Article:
Heavy rains of Irene bring flooding danger
High winds downed trees along Irene's path, blocking the northbound lanes of Interstate 95 in Halifax County at about 2:30 p.m., according to the state Department of Transportation. N.C. Highway 264 was littered with trees, but drivers were navigating around them.Posted — Updated
Heavy rain in those counties could cause creeks and streams to quickly flood roads, low-lying areas and places with poor drainage. Motorists shouldn't drive over flooded roads.
High winds downed trees along Irene's path, blocking the northbound lanes of Interstate 95 in Halifax County at about 2:30 p.m., according to the state Department of Transportation. N.C. Highway 264 was littered with trees, but drivers were navigating around them.
A flash flood watch – meaning that floods could happen quickly, but the threat is less likely than for a warning – covers much of central and eastern North Carolina, including Wake, Franklin, Vance and Warren counties. The watch goes until 6 a.m. Sunday.
Rain fell for most of the day across the northern coastal plain. The rainfall totals, wind speeds, downed trees and potential for power outages will be greatest east of I-95.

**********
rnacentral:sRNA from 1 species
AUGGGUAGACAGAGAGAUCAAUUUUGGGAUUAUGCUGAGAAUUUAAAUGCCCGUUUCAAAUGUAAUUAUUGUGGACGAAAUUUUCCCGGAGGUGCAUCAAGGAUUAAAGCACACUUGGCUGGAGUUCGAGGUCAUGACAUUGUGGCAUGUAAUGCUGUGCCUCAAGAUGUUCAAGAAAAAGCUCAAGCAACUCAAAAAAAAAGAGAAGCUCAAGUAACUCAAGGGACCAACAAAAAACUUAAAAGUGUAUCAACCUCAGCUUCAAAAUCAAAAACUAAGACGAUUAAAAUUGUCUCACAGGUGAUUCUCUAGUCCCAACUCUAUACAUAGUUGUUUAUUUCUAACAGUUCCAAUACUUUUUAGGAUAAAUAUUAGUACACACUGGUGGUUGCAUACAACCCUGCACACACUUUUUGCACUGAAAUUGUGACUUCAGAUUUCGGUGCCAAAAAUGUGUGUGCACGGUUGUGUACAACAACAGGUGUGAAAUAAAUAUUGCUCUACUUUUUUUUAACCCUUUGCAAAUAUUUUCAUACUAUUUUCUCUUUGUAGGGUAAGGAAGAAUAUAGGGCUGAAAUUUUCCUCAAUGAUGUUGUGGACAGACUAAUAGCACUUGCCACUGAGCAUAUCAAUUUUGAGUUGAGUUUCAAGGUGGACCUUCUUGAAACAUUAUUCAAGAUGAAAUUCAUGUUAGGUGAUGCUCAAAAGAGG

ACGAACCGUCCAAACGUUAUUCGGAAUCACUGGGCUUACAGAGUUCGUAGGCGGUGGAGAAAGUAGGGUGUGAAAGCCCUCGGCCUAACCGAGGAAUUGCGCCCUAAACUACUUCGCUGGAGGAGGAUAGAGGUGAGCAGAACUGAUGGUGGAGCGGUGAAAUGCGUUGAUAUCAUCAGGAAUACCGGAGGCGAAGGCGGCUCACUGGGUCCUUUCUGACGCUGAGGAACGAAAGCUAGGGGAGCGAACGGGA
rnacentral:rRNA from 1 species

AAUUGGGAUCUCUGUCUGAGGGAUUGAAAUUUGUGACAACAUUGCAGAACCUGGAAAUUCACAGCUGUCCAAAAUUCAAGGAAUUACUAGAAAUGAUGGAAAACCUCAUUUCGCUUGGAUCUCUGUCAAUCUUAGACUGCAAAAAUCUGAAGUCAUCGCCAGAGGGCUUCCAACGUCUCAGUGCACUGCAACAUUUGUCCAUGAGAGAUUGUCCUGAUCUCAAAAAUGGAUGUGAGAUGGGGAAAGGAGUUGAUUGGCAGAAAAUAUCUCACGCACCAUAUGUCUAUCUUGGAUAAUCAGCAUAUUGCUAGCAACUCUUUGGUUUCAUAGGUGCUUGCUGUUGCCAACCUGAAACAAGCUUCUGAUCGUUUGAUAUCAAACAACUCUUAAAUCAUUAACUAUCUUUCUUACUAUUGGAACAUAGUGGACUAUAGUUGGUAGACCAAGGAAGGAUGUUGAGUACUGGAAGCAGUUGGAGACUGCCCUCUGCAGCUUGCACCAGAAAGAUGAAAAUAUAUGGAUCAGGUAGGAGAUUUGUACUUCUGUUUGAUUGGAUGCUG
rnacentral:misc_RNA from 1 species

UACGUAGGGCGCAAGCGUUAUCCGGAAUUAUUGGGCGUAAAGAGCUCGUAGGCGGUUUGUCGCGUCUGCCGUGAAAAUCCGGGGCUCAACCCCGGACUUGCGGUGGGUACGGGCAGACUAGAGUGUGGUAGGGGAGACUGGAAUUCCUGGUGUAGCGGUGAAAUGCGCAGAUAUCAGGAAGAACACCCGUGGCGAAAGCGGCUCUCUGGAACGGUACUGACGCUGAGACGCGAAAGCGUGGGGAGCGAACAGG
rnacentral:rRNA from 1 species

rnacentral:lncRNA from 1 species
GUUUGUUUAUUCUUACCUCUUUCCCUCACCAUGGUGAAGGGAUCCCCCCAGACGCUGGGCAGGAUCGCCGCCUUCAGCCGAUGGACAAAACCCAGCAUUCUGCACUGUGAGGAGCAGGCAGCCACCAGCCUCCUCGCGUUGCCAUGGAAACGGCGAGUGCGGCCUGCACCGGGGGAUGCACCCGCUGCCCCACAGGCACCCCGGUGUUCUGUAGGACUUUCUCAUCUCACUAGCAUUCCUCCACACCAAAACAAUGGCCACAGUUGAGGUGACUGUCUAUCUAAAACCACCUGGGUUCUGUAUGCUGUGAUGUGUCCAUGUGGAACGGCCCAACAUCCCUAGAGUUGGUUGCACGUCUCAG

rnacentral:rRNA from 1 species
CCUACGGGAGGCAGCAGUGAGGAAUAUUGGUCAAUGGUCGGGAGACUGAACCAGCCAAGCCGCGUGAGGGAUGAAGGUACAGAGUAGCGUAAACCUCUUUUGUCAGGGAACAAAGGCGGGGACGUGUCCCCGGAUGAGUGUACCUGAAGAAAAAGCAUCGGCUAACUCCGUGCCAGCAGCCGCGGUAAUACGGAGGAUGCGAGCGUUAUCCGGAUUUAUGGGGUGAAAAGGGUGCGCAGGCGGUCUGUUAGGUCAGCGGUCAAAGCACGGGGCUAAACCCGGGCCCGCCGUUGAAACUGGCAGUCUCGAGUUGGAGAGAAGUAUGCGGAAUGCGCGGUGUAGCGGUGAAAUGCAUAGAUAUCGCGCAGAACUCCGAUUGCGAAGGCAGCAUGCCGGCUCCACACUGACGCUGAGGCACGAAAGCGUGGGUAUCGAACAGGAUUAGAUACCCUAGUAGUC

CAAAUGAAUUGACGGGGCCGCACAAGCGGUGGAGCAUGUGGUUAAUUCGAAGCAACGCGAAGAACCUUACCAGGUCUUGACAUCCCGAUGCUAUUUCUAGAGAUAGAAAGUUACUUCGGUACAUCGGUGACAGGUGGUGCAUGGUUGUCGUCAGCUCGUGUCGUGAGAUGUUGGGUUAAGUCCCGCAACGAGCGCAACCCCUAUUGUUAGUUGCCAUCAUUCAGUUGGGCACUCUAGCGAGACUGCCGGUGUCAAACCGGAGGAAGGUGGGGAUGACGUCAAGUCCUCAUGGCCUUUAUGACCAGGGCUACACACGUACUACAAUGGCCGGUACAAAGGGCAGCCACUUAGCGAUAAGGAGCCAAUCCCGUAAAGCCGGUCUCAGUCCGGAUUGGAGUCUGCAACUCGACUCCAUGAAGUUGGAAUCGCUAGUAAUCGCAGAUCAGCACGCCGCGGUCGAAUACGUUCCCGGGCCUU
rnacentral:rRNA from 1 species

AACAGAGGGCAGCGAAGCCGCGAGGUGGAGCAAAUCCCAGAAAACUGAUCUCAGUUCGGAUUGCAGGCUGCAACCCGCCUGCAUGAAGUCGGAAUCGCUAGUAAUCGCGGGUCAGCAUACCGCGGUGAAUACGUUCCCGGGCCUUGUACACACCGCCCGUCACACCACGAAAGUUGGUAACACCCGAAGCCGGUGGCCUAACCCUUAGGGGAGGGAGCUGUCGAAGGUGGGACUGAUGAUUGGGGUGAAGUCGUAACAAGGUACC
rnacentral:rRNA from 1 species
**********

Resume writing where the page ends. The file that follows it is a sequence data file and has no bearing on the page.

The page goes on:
More than 16 inches of rain fell in Beaufort County, where wind damaged the gymnasium roof at Bath Elementary School, causing water to pour inside.
Some flights out of Raleigh-Durham International Airport were cancelled, airport spokeswoman Mindy Hamlin said.
The majority of canceled flights were headed to John F. Kennedy and LaGuardia airports in New York and to Newark, N.J. Sunday flights to those destinations were also being canceled.
Travelers should check with the airline before heading to the airport, Hamlin said.
A wind advisory also covers Wake, Johnston, Durham and Cumberland counties until Sunday morning.
The Triangle will see sustained winds at about 20 to 30 mph, with gusts up to 50 mph. Some spotty power outages or minor wind damage could result if winds toss around loose items and weak trees.
Areas along the I-95 corridor will see winds between 30 to 40 mph, with gusts between 50 to 60 mph. Widespread power outages, flooding, numerous downed trees and other wind damage is expected.
Experts advise inland residents to prepare for spotty power outages by gassing up cars and generators, moving lawn furniture and other items indoors and stocking up on bottled water and cash. When power goes out, gas pumps, ATMs and credit card readers won't work.
The effects of Hurricane Irene in the Triangle will diminish throughout Saturday afternoon, and by Sunday, weather conditions will be very different.
Sunday in the Triangle will be sunny, with a high around 94 degrees.